The King. (Billboard.com)

Who knows how long this run will last, but boy has it been special. LeBron has been an All-Star in 13 straight seasons, and has made the NBA Finals seven years in a row. It might as well be called the LeBron James Invitational at this point. LeBron is clearly the most talented player this game has ever seen.

To this point in his career, King James is a 4x MVP, 3x Finals MVP, 3x NBA Champion, 6x All-Defensive, and also the 2007-08 NBA scoring champion. Keep in mind that when LeBron originally left the Cavs, they had the first pick in the draft. When Jordan left, the Bulls went from 57 wins, to 55.

Who is next?

 

Featured image by SI.com

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D'Angelo Russell Future Star

D’Angelo Russell Future Star?

When young players enter the NBA, fans expect them to become stars immediately. If at 19,20 or 21 years old they aren’t dominating the game, many people start to think of them as busts. The fact is they need time to gain experience in the professional game. It requires patience that many fans don’t have.

Players must go through the long, draining NBA regular seasons that last from October to April. These players are still kids barely out of college and usually aren’t ready for full NBA seasons until they have experienced a few.

One of the players often mentioned as not living up to his potential has only been in the NBA two seasons. That player is Los Angeles Lakers point guard D’Angelo Russell.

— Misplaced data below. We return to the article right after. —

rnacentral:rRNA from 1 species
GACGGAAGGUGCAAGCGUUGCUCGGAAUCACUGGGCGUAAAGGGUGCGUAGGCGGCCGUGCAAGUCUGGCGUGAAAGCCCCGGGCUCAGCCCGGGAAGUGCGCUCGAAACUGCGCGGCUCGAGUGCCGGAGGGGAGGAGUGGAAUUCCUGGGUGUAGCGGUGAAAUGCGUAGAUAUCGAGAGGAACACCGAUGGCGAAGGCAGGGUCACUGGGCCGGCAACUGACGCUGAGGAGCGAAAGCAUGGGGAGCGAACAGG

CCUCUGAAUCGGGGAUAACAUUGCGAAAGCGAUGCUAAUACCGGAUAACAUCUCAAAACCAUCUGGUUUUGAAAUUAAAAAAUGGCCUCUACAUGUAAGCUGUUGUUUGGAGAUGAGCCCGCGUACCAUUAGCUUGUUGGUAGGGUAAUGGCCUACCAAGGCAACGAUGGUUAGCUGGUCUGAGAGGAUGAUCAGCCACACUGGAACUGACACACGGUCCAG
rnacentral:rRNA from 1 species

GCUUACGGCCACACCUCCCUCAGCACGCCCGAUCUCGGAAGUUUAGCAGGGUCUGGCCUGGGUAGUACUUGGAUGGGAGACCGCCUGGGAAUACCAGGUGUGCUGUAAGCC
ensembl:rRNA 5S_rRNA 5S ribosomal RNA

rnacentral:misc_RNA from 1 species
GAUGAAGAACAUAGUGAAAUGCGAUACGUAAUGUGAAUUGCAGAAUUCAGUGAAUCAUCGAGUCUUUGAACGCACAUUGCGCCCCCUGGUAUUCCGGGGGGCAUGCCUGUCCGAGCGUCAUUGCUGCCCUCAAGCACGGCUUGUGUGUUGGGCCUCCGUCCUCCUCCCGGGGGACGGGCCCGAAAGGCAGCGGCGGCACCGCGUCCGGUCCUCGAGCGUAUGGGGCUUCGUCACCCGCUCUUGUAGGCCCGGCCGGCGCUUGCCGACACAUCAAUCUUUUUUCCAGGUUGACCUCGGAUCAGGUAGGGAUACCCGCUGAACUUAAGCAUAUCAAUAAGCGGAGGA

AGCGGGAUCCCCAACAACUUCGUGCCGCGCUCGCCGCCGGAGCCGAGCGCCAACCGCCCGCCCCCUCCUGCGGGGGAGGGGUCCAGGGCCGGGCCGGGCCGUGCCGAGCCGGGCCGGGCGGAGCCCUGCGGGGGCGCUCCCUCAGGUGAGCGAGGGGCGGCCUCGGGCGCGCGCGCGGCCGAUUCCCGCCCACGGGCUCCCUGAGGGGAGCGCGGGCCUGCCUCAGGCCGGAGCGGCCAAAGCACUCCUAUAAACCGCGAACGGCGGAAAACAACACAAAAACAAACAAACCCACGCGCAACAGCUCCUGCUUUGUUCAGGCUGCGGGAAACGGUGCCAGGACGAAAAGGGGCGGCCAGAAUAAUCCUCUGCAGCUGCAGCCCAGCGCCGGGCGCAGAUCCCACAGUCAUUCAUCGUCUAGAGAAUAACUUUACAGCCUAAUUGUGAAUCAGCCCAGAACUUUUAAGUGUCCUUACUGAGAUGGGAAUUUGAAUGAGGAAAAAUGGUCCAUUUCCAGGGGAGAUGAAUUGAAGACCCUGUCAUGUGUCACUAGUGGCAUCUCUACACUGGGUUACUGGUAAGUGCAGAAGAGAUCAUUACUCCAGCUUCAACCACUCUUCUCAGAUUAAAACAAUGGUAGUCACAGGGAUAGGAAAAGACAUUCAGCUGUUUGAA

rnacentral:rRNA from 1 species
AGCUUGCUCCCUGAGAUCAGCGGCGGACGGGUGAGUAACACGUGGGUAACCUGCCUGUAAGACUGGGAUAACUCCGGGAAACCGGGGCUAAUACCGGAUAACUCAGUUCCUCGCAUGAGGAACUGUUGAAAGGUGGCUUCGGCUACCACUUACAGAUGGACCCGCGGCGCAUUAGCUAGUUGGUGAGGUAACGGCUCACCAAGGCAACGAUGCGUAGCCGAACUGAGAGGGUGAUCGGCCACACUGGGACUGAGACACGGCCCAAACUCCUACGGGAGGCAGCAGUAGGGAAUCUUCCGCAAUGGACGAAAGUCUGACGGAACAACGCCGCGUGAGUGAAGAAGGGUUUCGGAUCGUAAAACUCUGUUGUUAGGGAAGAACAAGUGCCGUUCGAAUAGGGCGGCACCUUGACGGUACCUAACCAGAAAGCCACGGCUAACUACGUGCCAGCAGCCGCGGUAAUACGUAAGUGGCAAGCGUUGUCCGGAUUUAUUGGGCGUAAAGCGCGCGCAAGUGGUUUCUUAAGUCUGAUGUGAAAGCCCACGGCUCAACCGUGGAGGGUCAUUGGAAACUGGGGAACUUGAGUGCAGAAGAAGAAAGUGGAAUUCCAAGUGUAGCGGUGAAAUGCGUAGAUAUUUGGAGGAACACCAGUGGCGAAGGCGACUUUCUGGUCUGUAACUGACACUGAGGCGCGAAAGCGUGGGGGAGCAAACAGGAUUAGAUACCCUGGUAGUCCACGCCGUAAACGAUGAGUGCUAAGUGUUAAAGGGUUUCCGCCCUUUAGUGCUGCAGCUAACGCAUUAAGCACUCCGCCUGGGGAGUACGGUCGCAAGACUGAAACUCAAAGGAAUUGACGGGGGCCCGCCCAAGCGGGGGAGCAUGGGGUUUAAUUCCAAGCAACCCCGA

Laker Nation

D'Angelo Russell Future Star

(Photo Credit: https://en.wikipedia.org)

The Lakers’ fanbase is one of the most impatient in all of sports, but for good reason. The Lakers franchise was founded back in 1947 in Minneapolis and moved to Los Angeles in 1960. In their franchise’s illustrious history, the Lakers have played in 31 NBA Finals and captured 16 championships, which is second most all-time.

Los Angeles is used to great players and winning teams. The team has had some of the most legendary players in the history of the game like Wilt Chamberlain, Elgin Baylor, Jerry West, Gail Goodrich, Magic Johnson, Kareem Abdul-Jabbar, James Worthy, Shaquille O’Neal and Kobe Bryant.

Winning is all the Lakers have ever known, which is why they have such an impatient fanbase. From the 1948-1949 season until the 2012-2013 season, the Lakers had only missed the playoffs five times. It is absolutely incredible to think about that level of consistency over six decades.

The recent Laker seasons have had nothing to do with winning. Over the past four seasons, including this one, the Lakers have gone 84-225. L.A. will miss the playoffs four consecutive seasons after this one. In their first 65 years, they missed the playoffs five times and are now about to miss the playoffs four straight. It is understandable that Laker fans are frustrated.

The departure of Kobe Bryant has left the Lakers searching for a star to carry the franchise. They do not have to look far for that star because they have already drafted him.

star Point Guards in their early years

D'Angelo Russell Future Star

(Photo Credit: http://sportige.com)